A citation from 1993 article, from a religious magazine article—the implication of the possibility that life does not exist has great implications for religious belief—is as follows: [9]

“Albert Szent-Gyorgyi, the Nobel laureate discoverer of Vitamin C, startled his readers when he wrote: ‘Life, as such, does not exist.’ He explained: ‘What we can see and measure are material systems which have the wonderful quality of...”

In 2006, authors Asim Kurjak and J.M. Carrera, in their chapter “The Beginning of Human Life: Scientific and Religious Controversies”, section: “The Definition of Life”, in their Textbook of Perinatal Medicine, state the following: [10]

“Some authors say that life as such does not exist—no one has ever seen it. Szent-Gyorgyi says that the noun ‘life’ has no significance because there is no such thing as ‘life’. Le Dantez holds that the expression ‘to live’ is too general, and that it is better to say that a dog ‘dogs’ or a fish ‘fishes’ than a ‘dog or a fish lives’.”

Kurjak argues that Szent-Gyorgyi's position may have possible implications on the so-called "legal" rights of an embryo, such as depicted adjacent.

In 1999, French biophysicist, bioethicist, and philosopher Henri Atlan, in his “Does Life Exist?”, opens to the following: [2]

“Already at the beginning of the twentieth century, Albert Szent-Gyorgyi, who discovered vitamin C, scandalously declared that life does not exist. Following upon this ‘good news’ announced by Szent-Gyorgyi, my entire approach consists in putting a few more nails in the coffin—and in recognizing, in effect that life does not exist as such, at least not as an object of scientific investigation, since its mechanisms can be entirely reduced to chemical interactions.”

In 2002, Atlan, in his “Is Science Inhuman? An Essay on Free Necessity”, elaborated further on the problems involved in speaking about “life” in an essential fashion, e.g. claiming that the genome contains the “essence of life”, repeatedly quoted Szent-Gyorgyi’s claim that “life as such does not exist”, which he interprets to mean that: [3]

Life does not exist as an explicative notion of organic properties … life does not exist as an object of biological research.”

Atlan also states:

“When Szent-Gyorgyi made the somewhat abrupt declaration: “life as such does not exist”, in all likelihood he was not doubting his daily experience. I do not think I betray him in thus clarifying his words: life does not exist as an explicative notion of organic properties. I other words, life does not exist as an object of biological research.”

Meaning that, in the context of bioethics, as his collected works (2011) editors Stefanos Geroulanos and Todd Meyers summarize, “any thinking of the living cannot maintain its rigor if it postulates life as an essentialist notion” .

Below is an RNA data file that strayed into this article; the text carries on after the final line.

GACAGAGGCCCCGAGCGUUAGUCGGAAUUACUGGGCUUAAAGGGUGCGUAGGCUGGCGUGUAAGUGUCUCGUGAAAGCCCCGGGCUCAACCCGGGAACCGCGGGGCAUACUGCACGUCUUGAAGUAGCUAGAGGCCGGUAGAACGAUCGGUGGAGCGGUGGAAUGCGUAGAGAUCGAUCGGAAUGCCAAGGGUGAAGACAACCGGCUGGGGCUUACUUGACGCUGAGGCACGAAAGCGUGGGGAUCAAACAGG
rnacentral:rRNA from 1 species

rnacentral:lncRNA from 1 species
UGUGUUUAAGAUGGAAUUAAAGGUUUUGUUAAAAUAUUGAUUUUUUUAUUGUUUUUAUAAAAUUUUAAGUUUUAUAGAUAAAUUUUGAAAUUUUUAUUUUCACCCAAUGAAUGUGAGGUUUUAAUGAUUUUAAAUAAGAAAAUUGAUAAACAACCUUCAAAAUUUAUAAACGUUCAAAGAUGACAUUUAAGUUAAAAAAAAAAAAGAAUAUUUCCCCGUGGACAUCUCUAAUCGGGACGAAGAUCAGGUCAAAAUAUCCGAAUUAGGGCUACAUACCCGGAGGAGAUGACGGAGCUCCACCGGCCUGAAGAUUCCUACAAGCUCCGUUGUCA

Life does not exist (Thims, 2015)
A 2015 Yahoo Answers query (Ѻ) about Thims’ version of the “life does not exist” view; found by Thims while key term searching, on 18 Apr 2016, for “Libb Thims, atheist”, after watching the 2015 Dave Rubin interview (Ѻ) of Sarah Haider, and adding her to the top 200 atheists list (#146).

In 2009, American electrochemical engineer Libb Thims, after having begun grappling with the life/non-life demarcation problem in circa 2006 to 2007, classified “life” as a defunct scientific theory (see: defunct theory of life), as follows, in his communication to Russian physical chemist Georgi Gladyshev on his false assertion that "thermodynamics mandates life": [1]

“You agree with me that the single atom is not alive. What about two atoms? What about three? Does a bound state of atoms have to have a certain movement to be considered alive? What if we heat a system of four atoms, do they suddenly become alive? What if we subject a system of atoms to both gravitational and electromagnetic forces, does that suddenly make them alive? What if the two forces act to move smaller atoms through the cavities of larger atoms [molecules] on a cyclical basis, thus activating reactions [metabolism] in the process, does that make them alive? What if the two forces begin to arrange the atoms into hierarchies, and that smaller atoms and bundles of atoms begin to more between the hierarchies, does that make them alive? What if a structure of atoms, begin to turnover their internal atoms, with those of the surrounding space, on a cyclical basis, does that make it alive? It should be very obvious that no matter how many atoms one adds to the argument that an atom or a structure made of two or more atoms cannot be alive.”

Thereafter Thims began to implement life terminology upgrades, in his own work and in Hmolpedia articles, and restrict both origin of life thermodynamic and life theory arguing submissions to the Journal of Human Thermodynamics, so much so that by 2013 editorial redaction processing had completely gummed up the entire journal, bring the publication process to a halt.
Alfred Rogers (2016) explaining his 1990s arrived at view that "life does not exist", which he popularizes on his 2010 launched website.

In 2010, American thinker Alfred Rogers registered the domain LifeDoesNotExist.comExternal link icon (c), and therein became active, according to web archives, in 2012 or 2013, with a page collection of 18 topic sections, starting with his current view on the non-existence of life, to his 1956 (age 23) deconversion from Christianity to a new non-supernatural belief system based philosophy. A truncation of the main points of Roger’s “life does not exist” section is as follows: [2]